The UTC's Center for Urban Informatics and Progress, with the Chattanooga Department of Transportation, are partnering with Seoul Robotics and Ouster to make Chattanooga safer for pedestrians utilizing light detection and ranging (lidar). Ouster’s lidar sensors and Seoul Robotics’ perception software, SENSR, which uses deep learning technologies, would help CUIP and CDOT understand pedestrian patterns and risk factors to be mitigated.
The lidar systems will work in conjunction with the existing MLK Smart Corridor sensors to create a more robust picture of how pedestrians and vehicles interact. Lidar sensors and perception software create accurate, 3D representations of the physical environment through the identification and classification of objects, giving researchers the data they need to understand traffic and pedestrian patterns that could be dangerous for citizens. In 2018, Hamilton County had 100 pedestrian injuries and 10 pedestrian fatalities.
“We continue to find ways to work with CUIP and industry partners to further our goal of a safer, smarter Chattanooga,” Chattanooga Smart Cities Director Kevin Comstock said. “We know that technology, data, and collaboration can help us reduce the number of pedestrian injuries and fatalities.”
The new lidar sensors will be located in two downtown Chattanooga intersections: Martin Luther King Jr. Boulevard and Market Street, and Martin Luther King Jr. Boulevard and Georgia Avenue. These locations were selected for their close proximity to city parks and event spaces and their subsequent high volume of pedestrian activity.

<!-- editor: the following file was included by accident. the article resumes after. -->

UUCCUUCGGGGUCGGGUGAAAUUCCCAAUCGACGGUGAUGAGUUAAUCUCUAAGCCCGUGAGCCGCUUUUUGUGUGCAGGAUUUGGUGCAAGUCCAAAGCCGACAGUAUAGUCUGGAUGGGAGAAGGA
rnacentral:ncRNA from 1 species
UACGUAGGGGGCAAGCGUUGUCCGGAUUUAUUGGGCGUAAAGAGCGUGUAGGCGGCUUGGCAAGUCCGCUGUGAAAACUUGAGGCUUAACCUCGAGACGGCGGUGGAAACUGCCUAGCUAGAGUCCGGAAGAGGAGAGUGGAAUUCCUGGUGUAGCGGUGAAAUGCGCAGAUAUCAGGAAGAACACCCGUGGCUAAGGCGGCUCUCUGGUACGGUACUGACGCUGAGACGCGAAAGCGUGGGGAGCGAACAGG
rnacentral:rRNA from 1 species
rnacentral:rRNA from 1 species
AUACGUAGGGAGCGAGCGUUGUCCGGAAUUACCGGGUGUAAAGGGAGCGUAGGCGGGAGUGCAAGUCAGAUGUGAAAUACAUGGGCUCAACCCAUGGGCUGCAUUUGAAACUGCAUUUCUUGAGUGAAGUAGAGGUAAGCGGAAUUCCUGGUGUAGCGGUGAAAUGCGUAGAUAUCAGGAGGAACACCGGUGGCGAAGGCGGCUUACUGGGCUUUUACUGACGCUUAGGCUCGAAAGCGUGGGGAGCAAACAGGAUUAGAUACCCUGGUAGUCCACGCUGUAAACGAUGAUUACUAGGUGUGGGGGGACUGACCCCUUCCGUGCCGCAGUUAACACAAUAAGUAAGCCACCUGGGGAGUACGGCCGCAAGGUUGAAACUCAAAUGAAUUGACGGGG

“Collaboration is critical within the smart cities community," said CUIP Director Mina Sartipi. "All of our work is focused on a common good, which leads to a constant flow of progress and innovation to research and technologies. This specific collaboration will give us the ability to make our city much safer for pedestrians.”
The solution offered by Seoul Robotics and Ouster Lidar is able to detect, track and predict the movement of pedestrians and vehicles, identifying potential incidents such as accidents and wrong-way driving as well as better understanding traffic flow and suggesting reroutes. The lidar-based solution will augment existing camera infrastructure to enhance the accuracy and detail of safety data while preserving the privacy of pedestrians.
"Lidar and other 3D data solutions have the potential to make cities safer for both pedestrians and drivers, but for too long the technology has been inaccessible due to cost and the need for affordable, sensor agnostic software," said HanBin Lee, co-founder and CEO of Seoul Robotics. "Our technology is changing that. This installation with the city of Chattanooga and CUIP represents the future of smart cities, and will be instrumental in showcasing to other cities around the world how insights from 3D data can fuel a more efficient and safer society."
“Lidar has great potential to both reduce accidents and increase efficiency by powering smart city infrastructure," said Barrs Lang, general manager of Americas at Ouster. "CUIP and the city of Chattanooga are setting a leading example for the country in how to unlock this potential. This project is just the beginning, and we’re looking forward to working closely together to build a safer, smarter Chattanooga.”